CHICAGO, IL – The three white men who are accused of killing Ahmaud Arbery faced a Glynn County judge Thursday morning for their preliminary and bond hearings. Arbery, an unarmed black man, was being pursued by Travis and Gregory McMichael, two white man, when he was gunned down while jogging on February 23 near Brunswick, Georgia.
A 28-second cell phone video of Arbery being shot and killed flooded social media platforms months later and the public called for the McMichaels to be arrested. On May 5, officials with the Georgia Bureau of Investigations secured search warrants to arrest the McMichaels on murder and aggravated assault charges. On May 21, the man who filmed the killing, William “Roddie” Bryan, was arrested on felony murder charges.
The three men engaged in an elaborate chase, hitting the 25-year-old jogger with a truck as he tried to escape them. Richard Dial, GBI Assistant Special Agent in Charge, was asked whether he believed McMichael could’ve been acting in self-defense, he said it was Arbery who was defending himself.
“I believe Mr. Arbery was being pursued, and he ran until he couldn’t run anymore, and it was he turned his back to a man with a shotgun or fight with his bare hands against the man with the shotgun. He chose to fight,” Dial said according to CNN. “I believe Mr. Arbery’s decision was to just try to get away, and when he felt like he could not escape he chose to fight.”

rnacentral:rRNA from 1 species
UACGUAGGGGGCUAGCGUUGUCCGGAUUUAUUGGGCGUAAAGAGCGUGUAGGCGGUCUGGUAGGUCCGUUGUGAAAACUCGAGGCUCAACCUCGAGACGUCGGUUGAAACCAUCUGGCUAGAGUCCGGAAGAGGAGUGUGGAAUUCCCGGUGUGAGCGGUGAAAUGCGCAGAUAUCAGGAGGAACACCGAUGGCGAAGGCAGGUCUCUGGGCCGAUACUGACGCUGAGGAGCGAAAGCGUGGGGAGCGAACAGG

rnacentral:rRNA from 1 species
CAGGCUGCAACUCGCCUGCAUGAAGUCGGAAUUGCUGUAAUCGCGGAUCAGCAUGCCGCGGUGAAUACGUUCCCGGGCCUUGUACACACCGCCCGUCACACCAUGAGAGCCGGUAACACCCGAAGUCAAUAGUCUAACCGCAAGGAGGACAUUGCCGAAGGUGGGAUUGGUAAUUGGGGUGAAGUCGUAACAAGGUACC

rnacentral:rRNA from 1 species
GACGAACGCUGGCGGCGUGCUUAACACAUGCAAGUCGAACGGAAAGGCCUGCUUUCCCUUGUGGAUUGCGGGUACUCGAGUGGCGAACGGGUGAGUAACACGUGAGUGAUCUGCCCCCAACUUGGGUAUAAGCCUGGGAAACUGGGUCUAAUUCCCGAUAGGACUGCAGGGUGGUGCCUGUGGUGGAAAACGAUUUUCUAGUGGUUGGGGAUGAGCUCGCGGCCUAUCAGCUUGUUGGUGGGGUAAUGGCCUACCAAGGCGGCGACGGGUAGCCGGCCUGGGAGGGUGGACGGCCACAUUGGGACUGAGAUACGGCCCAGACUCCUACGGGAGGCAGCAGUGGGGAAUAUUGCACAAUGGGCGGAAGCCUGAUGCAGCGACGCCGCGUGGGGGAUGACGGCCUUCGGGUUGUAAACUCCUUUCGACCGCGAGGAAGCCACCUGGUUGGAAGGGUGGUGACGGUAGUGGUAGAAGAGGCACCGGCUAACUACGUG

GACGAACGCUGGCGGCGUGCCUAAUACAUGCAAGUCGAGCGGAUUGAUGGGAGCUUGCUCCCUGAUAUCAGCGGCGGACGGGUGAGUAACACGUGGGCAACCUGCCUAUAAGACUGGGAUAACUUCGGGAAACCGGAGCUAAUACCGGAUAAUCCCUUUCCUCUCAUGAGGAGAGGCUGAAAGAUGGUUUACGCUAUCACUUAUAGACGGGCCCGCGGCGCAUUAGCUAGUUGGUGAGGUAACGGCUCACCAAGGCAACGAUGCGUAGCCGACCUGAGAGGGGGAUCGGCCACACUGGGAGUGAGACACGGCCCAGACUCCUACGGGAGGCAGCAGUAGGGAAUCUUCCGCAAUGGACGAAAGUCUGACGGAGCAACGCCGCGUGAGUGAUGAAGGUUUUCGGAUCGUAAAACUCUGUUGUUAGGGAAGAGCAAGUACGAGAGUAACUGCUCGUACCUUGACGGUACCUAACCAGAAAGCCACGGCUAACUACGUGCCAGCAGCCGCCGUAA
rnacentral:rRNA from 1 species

As Travis and Gregory McMichael attempted to head him off, Arbery then turned and ran past the truck of Bryan who struck Arbery with the side of his truck. Investigators found a swipe from a palm print on the rear door of Bryan’s truck, cotton fibers near the truck bed that are attributed to contact with Arbery, and a dent below the fibers.
Arbery’s last moments emerged amid a week of nationwide protests over another killing – of George Floyd by police in Minneapolis – and demonstrators have called for justice in Arbery’s case.
Dial also testified that there were numerous times on social media that McMichael used the same slur words to describe people of color. Dial did not say which McMichael he was referring to and was not asked to clarify.
The Justice Department has launched a hate crime investigation in this case. With tensions already running high in Brunswick and the rest of the country, Georgia Governor Brian Kemp said the state will do “whatever is necessary to keep the peace.”